McLauglin v. Secretary, Department of Corrections et al

Filing 48

ORDER: The petition for writ of habeas corpus 1 is DENIED. The Clerk is directed to enter judgment in favor of Respondents and against the Petitioner, terminate any pending motions, and close this file. Signed by Judge James S. Moody, Jr on 9/16/2009. (LN)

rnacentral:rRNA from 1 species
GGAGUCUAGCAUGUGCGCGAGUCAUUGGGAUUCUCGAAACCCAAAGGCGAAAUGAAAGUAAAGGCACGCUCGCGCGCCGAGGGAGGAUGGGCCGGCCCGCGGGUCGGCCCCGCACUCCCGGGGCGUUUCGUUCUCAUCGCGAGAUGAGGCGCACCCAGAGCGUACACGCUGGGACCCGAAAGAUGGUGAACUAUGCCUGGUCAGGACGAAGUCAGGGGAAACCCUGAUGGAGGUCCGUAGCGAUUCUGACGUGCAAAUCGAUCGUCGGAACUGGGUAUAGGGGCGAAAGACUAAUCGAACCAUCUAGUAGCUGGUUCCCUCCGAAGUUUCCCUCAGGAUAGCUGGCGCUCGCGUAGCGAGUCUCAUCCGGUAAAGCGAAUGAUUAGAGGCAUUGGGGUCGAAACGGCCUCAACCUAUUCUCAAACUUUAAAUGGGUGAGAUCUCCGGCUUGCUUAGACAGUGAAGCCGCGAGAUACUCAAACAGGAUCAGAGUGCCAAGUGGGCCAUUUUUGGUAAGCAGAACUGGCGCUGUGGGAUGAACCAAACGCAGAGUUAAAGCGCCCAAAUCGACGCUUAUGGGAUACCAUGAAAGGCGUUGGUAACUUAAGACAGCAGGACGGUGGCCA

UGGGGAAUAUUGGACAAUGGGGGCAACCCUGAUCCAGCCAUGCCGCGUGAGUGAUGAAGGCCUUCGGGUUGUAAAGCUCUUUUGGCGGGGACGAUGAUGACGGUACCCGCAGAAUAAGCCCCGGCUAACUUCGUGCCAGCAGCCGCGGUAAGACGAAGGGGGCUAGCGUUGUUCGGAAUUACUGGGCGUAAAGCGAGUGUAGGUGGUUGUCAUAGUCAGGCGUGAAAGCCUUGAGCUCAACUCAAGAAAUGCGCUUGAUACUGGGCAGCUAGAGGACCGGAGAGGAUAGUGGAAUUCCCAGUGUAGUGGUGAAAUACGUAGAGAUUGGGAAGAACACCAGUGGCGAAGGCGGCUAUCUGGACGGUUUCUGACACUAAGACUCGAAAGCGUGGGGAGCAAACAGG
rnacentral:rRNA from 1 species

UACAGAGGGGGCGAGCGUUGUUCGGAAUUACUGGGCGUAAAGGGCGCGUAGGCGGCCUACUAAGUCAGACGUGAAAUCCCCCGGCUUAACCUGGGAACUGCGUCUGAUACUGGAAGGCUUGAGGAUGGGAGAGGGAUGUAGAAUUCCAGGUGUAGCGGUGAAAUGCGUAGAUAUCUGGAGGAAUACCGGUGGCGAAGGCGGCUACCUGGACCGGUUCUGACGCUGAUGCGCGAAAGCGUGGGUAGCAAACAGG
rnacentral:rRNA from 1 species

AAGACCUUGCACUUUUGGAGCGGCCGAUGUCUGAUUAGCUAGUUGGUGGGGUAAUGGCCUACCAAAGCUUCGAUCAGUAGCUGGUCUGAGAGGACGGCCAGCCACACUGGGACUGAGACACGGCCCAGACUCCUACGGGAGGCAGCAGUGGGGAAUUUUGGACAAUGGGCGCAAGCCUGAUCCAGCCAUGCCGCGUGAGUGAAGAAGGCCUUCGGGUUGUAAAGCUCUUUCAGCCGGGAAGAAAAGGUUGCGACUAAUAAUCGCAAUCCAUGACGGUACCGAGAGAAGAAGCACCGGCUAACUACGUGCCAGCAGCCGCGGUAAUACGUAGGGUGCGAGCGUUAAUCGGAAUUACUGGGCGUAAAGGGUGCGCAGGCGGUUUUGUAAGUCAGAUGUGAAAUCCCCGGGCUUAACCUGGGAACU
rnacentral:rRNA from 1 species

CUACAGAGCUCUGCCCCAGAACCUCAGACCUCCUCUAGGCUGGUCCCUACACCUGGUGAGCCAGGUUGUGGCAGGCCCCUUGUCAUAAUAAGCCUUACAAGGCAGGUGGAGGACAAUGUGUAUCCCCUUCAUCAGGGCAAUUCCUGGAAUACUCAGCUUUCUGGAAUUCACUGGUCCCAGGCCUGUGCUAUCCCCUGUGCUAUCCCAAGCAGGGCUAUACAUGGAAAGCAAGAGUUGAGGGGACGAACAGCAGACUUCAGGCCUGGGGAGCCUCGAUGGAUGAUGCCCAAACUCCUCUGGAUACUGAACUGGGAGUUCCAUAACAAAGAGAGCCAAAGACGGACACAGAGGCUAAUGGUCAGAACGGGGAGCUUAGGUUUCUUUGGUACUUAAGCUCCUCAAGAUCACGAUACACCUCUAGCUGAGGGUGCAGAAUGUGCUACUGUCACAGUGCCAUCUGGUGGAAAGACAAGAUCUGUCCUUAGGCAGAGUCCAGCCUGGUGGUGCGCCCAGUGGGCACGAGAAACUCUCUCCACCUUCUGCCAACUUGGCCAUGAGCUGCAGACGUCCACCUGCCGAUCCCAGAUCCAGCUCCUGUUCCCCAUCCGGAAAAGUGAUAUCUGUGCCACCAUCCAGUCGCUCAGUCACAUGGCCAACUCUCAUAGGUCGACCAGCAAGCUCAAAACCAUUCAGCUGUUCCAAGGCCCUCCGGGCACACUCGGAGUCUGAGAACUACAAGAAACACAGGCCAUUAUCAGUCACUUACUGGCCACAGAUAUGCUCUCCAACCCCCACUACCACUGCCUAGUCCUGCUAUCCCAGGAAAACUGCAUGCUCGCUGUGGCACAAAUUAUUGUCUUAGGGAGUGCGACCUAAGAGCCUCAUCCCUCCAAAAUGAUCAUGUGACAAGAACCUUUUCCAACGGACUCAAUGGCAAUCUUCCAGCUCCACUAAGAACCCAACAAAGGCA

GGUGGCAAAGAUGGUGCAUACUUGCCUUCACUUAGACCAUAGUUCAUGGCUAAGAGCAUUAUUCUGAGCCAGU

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UNITED STATES DISTRICT COURT MIDDLE DISTRICT OF FLORIDA TAMPA DIVISION JEFFREY McLAUGHLIN, Petitioner, v. SECRETARY, DEPARTMENT OF CORRECTIONS, et al., Respondents. ________________________________/ Case No. 8:07-CV-2223-T-30TBM ORDER Petitioner, JEFFREY McLAUGHLIN ("Petitioner" or "McLaughlin"), an inmate in the Florida penal system proceeding pro se, brings this petition for writ of habeas corpus pursuant to 28 U.S.C. 2254 (Dkt. #1). Petitioner is challenging his state convictions arising out of the Fifth Judicial Circuit Court, Hernando County, Florida, case numbers 03-0678-CF and 05-0453-CF. The Court has considered the petition, Respondent's response (Dkt. #10), Petitioner's reply (Dkt. #17), and held evidentiary hearings on September 3, 2009, and September 11, 2009. Upon consideration, the Court determines that the petition must be denied. BACKGROUND Petitioner was charged by information with aggravated battery with a deadly weapon and aggravated assault with a deadly weapon for offenses which took place on May 17, 2003. On December 1, 2003, Petitioner signed a plea agreement and in accordance with the agreement he was sentenced to 36 months probation upon his plea of nolo contendere. Petitioner was adjudicated guilty and no direct appeal was taken. Subsequently, Petitioner was arrested for domestic aggravated battery and a warrant was issued charging Petitioner with violating the terms of his probation. The domestic aggravated battery charge was later dropped, but the probation violation warrant was still outstanding. On March 8, 2005, Petitioner was arrested on the outstanding warrant when the vehicle in which he was a passenger was stopped for a traffic violation. A search incident to the arrest revealed that Petitioner was in possession of crack cocaine and drug paraphernalia, for which Petitioner was additionally charged. Thereafter, Petitioner's probation was revoked for violating the terms of his probation. He was sentenced to 10 years imprisonment for the aggravated battery charge and a concurrent 60 months for the aggravated assault charge. Petitioner appealed the violation of probation and it was affirmed per curiam. McLaughlin v. State, 965 So. 2d 148 (Fla. 5th DCA 2007). Petitioner entered a plea of guilty to possession of cocaine and possession of drug paraphernalia and was sentenced to 30.6 months imprisonment, to which no appeal was taken. On May 2, 2007, Petitioner timely filed a Fla. R. Crim. P. 3.850 Motion for Postconviction Relief raising two issues: 1) ineffective assistance of counsel for failing to investigate facts of the case and for failing to file a motion to suppress and 2) newly discovered evidence in that the victim recanted. The Motion was summarily denied. Petitioner appealed the denial and it was affirmed per curiam. McLaughlin v. State, 968 So. 2d 580 (Fla. 5th DCA 2007). Page 2 of 9 Subsequently, Petitioner timely filed the instant petition for writ of habeas corpus pursuant to 28 U.S.C. 2254 raising the same two grounds for relief. Ground One: Petitioner alleges that his counsel was ineffective because counsel failed to: (1) investigate the facts of Petitioner's case and (2) file a motion to suppress entry into evidence of cocaine and paraphernalia in Petitioner's possession at the time of his arrest. Petitioner alleges that he is entitled to relief because of newly discovered evidence where the alleged victim, and State's only witness to the crime, recanted his testimony accusing Petitioner of having committed the offenses for which he pled. Ground Two: The Court held evidentiary hearings on Ground Two. STANDARD OF REVIEW Pursuant to 28 U.S.C. 2254, as amended by the Antiterrorism and Effective Death Penalty Act of 1996 ("AEDPA"), "a district court shall entertain an application for a writ of habeas corpus in behalf of a person in custody pursuant to the judgement of a State court only on the ground that he is in custody in violation of the Constitution or laws or treaties of the United States." 28 U.S.C. 2254(a). When a federal court reviews a criminal conviction from state court, 28 U.S.C. 2254 places a heavy burden on the petitioner. Habeas relief may not be granted with respect to a claim adjudicated on the merits in a state court unless the adjudication of the claim: (1) resulted in a decision that was contrary to, or involved an unreasonable application of, clearly established Federal law, as determined by the Supreme Court of the United States; or Page 3 of 9 (2) resulted in a decision that was based on an unreasonable determination of the facts in light of the evidence presented in the State court proceeding. 28 U.S.C. 2254(d). Prince v. Vincent, 538 U.S. 634, 638-39 (2003); Clark v. Crosby, 335 F.3d 1303, 1308 (11th Cir. 2003); Williams v. Taylor, 529 U.S. 362 (2000). In circumstances where the state court denies an application for postconviction relief without written opinion, that decision is entitled to the same deference as if the state court had entered written findings to support its decision. See Wright v. Sec. of Dept. Of Corrs., 278 F.3d 1245, 1255 (11th Cir. 2002). Also, a state court's factual finding is presumed to be correct, and a petitioner must rebut the presumption of correctness by "clear and convincing evidence." 28 U.S.C. 2254(e)(1); Henderson v. Haley, 353 F.3d 880, 890-91 (11th Cir. Ala. 2003). The statutory presumption of correctness applies only to factual findings made by the state court, not to mixed determinations of law and fact. McBride v. Sharpe, 25 F.3d 962, 971 (11th Cir. 1994). Petitioner asserts ineffective assistance of counsel as his first ground for relief. To establish a prima facie claim of ineffective assistance of counsel, Petitioner must show both that counsel's performance was deficient and that he was prejudiced by the deficient performance. Strickland v. Washington, 466 U.S. 668, 687 (1984). Deficient performance is performance which is objectively unreasonable under prevailing professional norms. Id. at 688. Prejudice results when there is a "reasonable probability that, but for counsel's unprofessional errors, the result of the proceeding would have been different." Id. at 694. Petitioner has the burden of proving that counsel's performance was below the objective standard of reasonable professional performance and that he was prejudiced as a result. Page 4 of 9 Chandler v. United States, 218 F.3d 1305, 1313 (11th Cir. 2000). DISCUSSION Petitioner has asserted two grounds for relief. Each of the Petitioner's grounds will be considered in turn. GROUND ONE - INEFFECTIVE ASSISTANCE OF COUNSEL Counsel's alleged failure to investigate the facts of the case Petitioner alleges that he received ineffective assistance of counsel because counsel failed to investigate the facts of his case. This generalized conclusory claim is facially insufficient. Petitioner fails to state what his counsel would have discovered with an investigation or how it would have changed the outcome of his case. Such conclusory allegations prove neither deficient performance nor prejudice and are not sufficient to support a claim of ineffectiveness. See Franklin v. U.S., 227 Fed. Appx. 856, 859 (11th Cir. 2007). Petitioner's claim is also refuted by the record. On June 10, 2005, Petitioner entered an open plea of guilty to possession of cocaine and possession of drug paraphernalia. In this agreement, Petitioner indicated that he had discussed the facts of the his case with counsel and that he was satisfied with counsel's performance. The record indicates that Petitioner freely, knowingly, and intelligently accepted and agreed to the terms stated in the agreement. Counsel's alleged failure to file a motion to suppress evidence Petitioner alleges that counsel was ineffective because he failed to file a motion to suppress the evidence of cocaine and paraphernalia in case no. 05-0453-CF, thus allowing his case to proceed to a violation of probation hearing. Petitioner claims that had counsel Page 5 of 9 suppressed the evidence then Petitioner would not have pled guilty to the charges and the outcome of the probation hearing would have been different because the basis of the violation would have ceased to exist. This claim is without merit because there was no basis for counsel to file such a motion. Counsel had no means to challenge the legality of the stop because the arresting officer had probable cause to stop the vehicle. The vehicle matched a "be on the lookout" warning ("BOLO") and had run a red light. See Whren v. U.S., 517 U.S. 806, 116 S.Ct. 1769, 135 L.Ed.2d 89 (1996). The officer learned the identity of Petitioner during the field interview. The officer then arrested Petitioner on the outstanding violation of probation warrant and conducted a searched incident to the arrest. Therefore the stop, as well as the subsequent arrest and custodial search of Petitioner, was valid. The evidence recovered from Petitioner was lawfully obtained and he was not prejudiced by counsel's failure to file a motion to suppress it because the motion would have failed. With respect to Petitioner's claim that he received ineffective assistance of counsel, Petitioner has alleged no facts and points to nothing in the record to satisfy either prong of the Strickland test. Petitioner has failed to meet his burden of proving that counsel's performance was objectively unreasonable under prevailing professional norms. He also failed to prove that there is "a reasonable probability that, but for counsel's unprofessional errors, the result of the proceeding would have been different." Strickland, 466 U.S. at 688, 694. Additionally, Petitioner has failed to demonstrate that the trial court's rejection of this claim resulted in an unreasonable application of federal law, as established by Supreme Court precedent, or an unreasonable determination of the facts in light of the evidence in this case. Page 6 of 9 Therefore, Ground One does not warrant habeas corpus relief. GROUND TWO - NEWLY DISCOVERED EVIDENCE Petitioner alleges that he is entitled to relief because of newly discovered evidence in that the victim in case no. 03-0678-CF, his brother, recanted his testimony accusing Petitioner of having committed the offense for which he pled nolo contendere (Dkt. #10). This claim is not cognizable for habeas corpus relief because Petitioner fails to state an independent constitutional violation. Federal habeas courts sit to ensure that individuals are not imprisoned in violation of the Constitution, not to correct errors of fact. See Herrera v. Collins, 506 U.S. 390, 400, 113 S. Court. 853, 122 L. Ed. 2d 203 (1993). "[T]he existence merely of newly discovered evidence relevant to the guilt of a state prisoner is not a ground for relief on federal habeas corpus." Townsend v. Sain, 372 U.S. 293, 317, 83 S. Court. 745, 9 L. Ed. 2d 770. Furthermore, even if Petitioner's claim were cognizable for habeas relief, it would still fail for lack of merit. To grant relief on the basis of newly discovered evidence, the evidence must be such that it "would probably produce an acquittal" on retrial. U.S. v. Provost, 969 F.2d 617, 620 (8th Cir. 1992). Recanted testimony "of a material witness should be viewed with disfavor...." U.S. v. Grey Bear, 116 F.3d 349, 350 (8th Cir. 1997) citing U.S. v. Coleman, 460 F.2d 1038, 1040 (8th Cir. 1972)(per curiam). The issue of whether newly discovered evidence would produce an acquittal on retrial turns on the credibility of the recantation. Provost, 969 F.2d at 620 citing U.S. v. Bednar, 776 F.2d 236, 238-39 (8th Cir. 1985). Page 7 of 9 The state court concluded that the victim's (Petitioner's brother) recantation was suspect in light of their familial relationship and because it was dated January 6, 2005, but was not sworn to until March 7, 2006, and not brought to the trial court's attention until May 2, 2006. This Court granted Petitioner an evidentiary hearing to resolve the issue of credibility. Petitioner had the burden at the hearing of proving that his brother recanted his previous testimony. He failed to meet this burden. He could not get his brother to appear and testify, even after numerous attempts to serve him with a subpoena. While George McLaughlin voluntarily signed an affidavit to help his brother, his wife told the process server that he would not come to court and perjure himself. And, as the State pointed out at the hearing, though Petitioner now claims he did not hit his brother in the head with a bottle, Petitioner's state defense counsel testified that Petitioner told him he had hit his brother with the bottle, albeit in self defense. This Court concludes that the victim's recantation is highly suspect and incredible. Additionally, the Waiver of Rights and Plea Agreement signed by Petitioner on December 1, 2003, indicates that he knowingly, freely, and intelligently entered his plea. In return for a negotiated sentence which was consented to by the victim (his brother), Petitioner voluntarily pled nolo contendere to the charges of aggravated battery with a deadly weapon and aggravated assault with a deadly weapon. The Court notes that, rather than consent, the brother could have changed his testimony at that time if such were the truth. Page 8 of 9 Petitioner has failed to cite to any decision of the United States Supreme Court that would indicate the state court unreasonably applied federal law. Accordingly, the Court finds that Petitioner has failed to show that he is entitled to federal relief on this claim. CONCLUSION For the foregoing reasons, the Court determines that Petitioner has not met the criteria for relief under 28 U.S.C 2254. This Court has addressed each ground and has determined that each claim should be denied. The Petition for habeas relief is therefore denied. It is therefore ORDERED AND ADJUDGED that: 1. 2. The petition for writ of habeas corpus (Dkt. #1) is DENIED. The Clerk is directed to enter judgment in favor of Respondents and against the Petitioner, terminate any pending motions, and close this file. DONE and ORDERED in Tampa, Florida on September 16, 2009. Copies Furnished To: Counsel/Parties of Record F:\Docs\2007\07-cv-2223.deny 2254.wpd Page 9 of 9